A modern trend is to ensure that all the wedding party are equipped with a partner of some sort regardless of their partnership-status. This is rather non-traditional: traditionally attendants were supposed to be single, which fits in well with the fact that they have roles in the ceremony and (often) at the party afterward that prevent their paying attention to an escort, and it can make for a rather awkward evening for their escort as a result. But nowadays it is thought odd even to notice whether your attendants are married or not, so there is often a little crowd of attendants’ spouses hanging around during the photo hour feeling like fifth wheels, and another fifth wheel or two only gives them more company to mitigate the awkwardness. Sometimes siblings are also guaranteed an escort even if they are single. This is a trend, and you may wish to consider following it for people who are already doing you a great favour or for whom you have a very high regard, but it is not an etiquette-mandated necessity.
Post # 9
Anyone over the age of 18 should be given a +1.
Inviting an adult who is married without this spouse is rude.
Post # 10
Yes, inviting someone without spouse is rude. No, not everyone over 18 SHOULD get a plus one. They may or may not. Another big thing to keep in mind is once you give plus ones, you lose control of who is coming to wedding. Someone may bring your MOH’s ex. etc.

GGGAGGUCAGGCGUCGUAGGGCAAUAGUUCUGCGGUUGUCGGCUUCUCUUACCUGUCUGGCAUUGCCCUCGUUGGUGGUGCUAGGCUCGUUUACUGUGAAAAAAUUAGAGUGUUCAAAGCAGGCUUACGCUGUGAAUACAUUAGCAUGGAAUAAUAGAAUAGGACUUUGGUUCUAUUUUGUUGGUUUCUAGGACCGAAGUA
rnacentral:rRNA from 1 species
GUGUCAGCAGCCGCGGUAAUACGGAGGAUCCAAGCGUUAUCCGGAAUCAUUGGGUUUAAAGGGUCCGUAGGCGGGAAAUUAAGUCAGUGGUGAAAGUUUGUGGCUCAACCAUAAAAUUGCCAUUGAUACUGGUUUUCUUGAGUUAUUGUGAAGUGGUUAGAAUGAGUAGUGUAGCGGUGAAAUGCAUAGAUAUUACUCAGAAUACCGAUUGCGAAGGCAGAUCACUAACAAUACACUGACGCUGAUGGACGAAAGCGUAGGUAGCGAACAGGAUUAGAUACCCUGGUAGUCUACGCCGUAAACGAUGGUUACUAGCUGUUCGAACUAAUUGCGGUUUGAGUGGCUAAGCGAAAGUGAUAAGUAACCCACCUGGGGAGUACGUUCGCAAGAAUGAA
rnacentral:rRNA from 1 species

Post # 11
We ended up going for a bigger room at our venue and are allowing pretty much everyone to bring a plus one. If we had picked the smaller room we would have limited it to those who are married/engaged/common-law.
Post # 12
Since our wedding is mostly family, our rule is this: if they have a long term boyfriend or girlfriend, are living together, engaged or married, they get a +1. Friends that may not know as many people get +1s automatically. I guarantee you we’re going to have second cousins complaining that they can’t bring a date even though they’re not currently seeing anyone.
Post # 13
@juanita.kelly.9: Agreed! You’re not supposed to use someone’s wedding as a first date! Longterm (3+ months, I guess) only.
Post # 14
Here’s what we did:
Everyone who considered themselves to be in a relationship at the time we sent invitations was invited with their SO named on the invitation. (We did not feel like it was our job to judge the status of someone else’s relationship, so we didn’t put stipulations such as length of time together or whether or not we’d met them)
Everyone in the wedding party got a +1, even if they were truly single.
Anyone who had to travel from out of town.
I think by the end of it all we did end up extending a +1 to every truly single over 18 guest. If they were in a relationship we invited the other person by name.
Post # 15
@foreverthine: We are giving them the option. Only one of my bridesmaids is not currently seeing anyone and I wouldn’t want HER to feel awkward at the table so I asked her if she’d like a plus one…she laughed and said “Oh god no! I don’t want to worry about looking after some random guy!” I would ask those in your bridal party what they’d prefer. We also did this with our groomsmen who had the same reaction.